Another super-enjoyable title is Ryan Adams’ Live at Carnegie Hall where the CT7ES-3s placed the singer songwriter smack in the centre of a massive soundstage. Adams is close-miked and on “Gimme Something Good” he oscillates his vocals from soft to powerful and everything in between. The CT7ES-3s never harden or compress his loudest moments while also beautifully rendering the singer’s softer, more heartfelt passages. And when the artist is at the piano, the grandeur of the instrument is communicated faultlessly.
While large manufacturers may have a team of engineers who work on different aspects of speaker design, be it driver development, crossover topologies, cabinet form and materials, etc. with the result being outstanding loudspeaker products, it’s equally valid in terms of potential brilliant sonic performance, when speakers are the product of a single visionary person. As far as I know, Alan Shaw may indeed enjoy the assistance of engineers for certain aspects of design but, ultimately, Harbeth speakers are his vision materialised via his own tuning ear, musical biases, etc.
What Shaw has most definitely achieved with the CT7ES-3s is the quintessential ‘musical’ sound I’m certain he was ultimately aiming for. It may indeed be the Harbeth ‘house sound’. In my opinion, he has unquestionably succeeded here with the Compact 7ES-3 speakers…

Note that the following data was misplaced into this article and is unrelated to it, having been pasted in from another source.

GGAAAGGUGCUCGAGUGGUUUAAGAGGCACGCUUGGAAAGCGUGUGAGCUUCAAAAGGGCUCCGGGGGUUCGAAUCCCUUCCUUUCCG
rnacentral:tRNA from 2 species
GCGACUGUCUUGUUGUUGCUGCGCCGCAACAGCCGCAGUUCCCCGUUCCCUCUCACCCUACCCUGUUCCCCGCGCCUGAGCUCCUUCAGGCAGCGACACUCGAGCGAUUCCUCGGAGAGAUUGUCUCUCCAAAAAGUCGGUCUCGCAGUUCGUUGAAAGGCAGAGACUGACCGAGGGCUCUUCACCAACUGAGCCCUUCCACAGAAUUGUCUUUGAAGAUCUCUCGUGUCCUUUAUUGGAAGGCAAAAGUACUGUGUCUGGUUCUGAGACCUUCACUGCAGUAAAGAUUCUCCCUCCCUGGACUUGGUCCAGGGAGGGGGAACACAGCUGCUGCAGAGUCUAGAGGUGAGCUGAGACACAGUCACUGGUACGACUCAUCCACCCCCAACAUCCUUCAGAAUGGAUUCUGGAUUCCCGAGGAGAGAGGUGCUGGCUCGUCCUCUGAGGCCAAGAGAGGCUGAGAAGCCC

… Edgar Kramer
- Speakers — Wilson Audio Alexia Series 2, Axis Loudspeakers VoiceBox S (nearfield monitor), Vermouth Audio Little Luccas Mk.II
- Amplifier — Gryphon Audio Antileon EVO
- Preamplifier — Supratek Cortese, Lightspeed Attenuator LDR passive
- Sources — Digital: Yamaha CD-S2100 transport, Chord Electronics Hugo M Scaler, Totaldac d1-core DAC, Asus PC as Roon Core. Analogue: Michell Engineering Orbe with Gert Pedersen Level 3 modifications and Origin Live Ultra upgraded motor, Trans-Fi Terminator air bearing linear-tracking arm, Shelter Harmony cartridge, Supratek Cortese & REDGUM Audio RGPH2 phono stages
- Processor — DEQX PreMate
- Cables — sILENzIO loom, Vermouth Audio Black Pearl Mk.II loom
- Audio Rack — SGR Audio Statement Model V
- Miscellaneous — Les Davis Audio Viscoelastic CLD discs, VRC Vinyl Record Cleaning system
Harbeth Audio Compact 7ES-3 40th Anniversary Edition Loudspeakers
Warranty: Two Years
Australian Distributor: Audio Magic
+61 3 9489 5122
3 Enterprise Park
+44 (0)1444 484371